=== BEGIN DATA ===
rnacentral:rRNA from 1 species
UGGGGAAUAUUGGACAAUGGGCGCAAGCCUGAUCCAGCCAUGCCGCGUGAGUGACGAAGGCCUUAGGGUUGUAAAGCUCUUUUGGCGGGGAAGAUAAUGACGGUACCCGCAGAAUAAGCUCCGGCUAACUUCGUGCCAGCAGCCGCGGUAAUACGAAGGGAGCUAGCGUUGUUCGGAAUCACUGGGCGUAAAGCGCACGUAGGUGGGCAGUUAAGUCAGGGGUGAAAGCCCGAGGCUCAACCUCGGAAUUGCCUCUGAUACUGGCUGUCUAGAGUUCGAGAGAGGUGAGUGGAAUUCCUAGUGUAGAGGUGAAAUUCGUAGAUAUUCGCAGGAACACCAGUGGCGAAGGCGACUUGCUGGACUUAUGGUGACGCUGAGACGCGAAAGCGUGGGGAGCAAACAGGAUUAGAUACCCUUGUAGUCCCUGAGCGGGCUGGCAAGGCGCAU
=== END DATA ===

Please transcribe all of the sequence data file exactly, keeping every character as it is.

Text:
rnacentral:rRNA from 1 species
UGGGGAAUAUUGGACAAUGGGCGCAAGCCUGAUCCAGCCAUGCCGCGUGAGUGACGAAGGCCUUAGGGUUGUAAAGCUCUUUUGGCGGGGAAGAUAAUGACGGUACCCGCAGAAUAAGCUCCGGCUAACUUCGUGCCAGCAGCCGCGGUAAUACGAAGGGAGCUAGCGUUGUUCGGAAUCACUGGGCGUAAAGCGCACGUAGGUGGGCAGUUAAGUCAGGGGUGAAAGCCCGAGGCUCAACCUCGGAAUUGCCUCUGAUACUGGCUGUCUAGAGUUCGAGAGAGGUGAGUGGAAUUCCUAGUGUAGAGGUGAAAUUCGUAGAUAUUCGCAGGAACACCAGUGGCGAAGGCGACUUGCUGGACUUAUGGUGACGCUGAGACGCGAAAGCGUGGGGAGCAAACAGGAUUAGAUACCCUUGUAGUCCCUGAGCGGGCUGGCAAGGCGCAU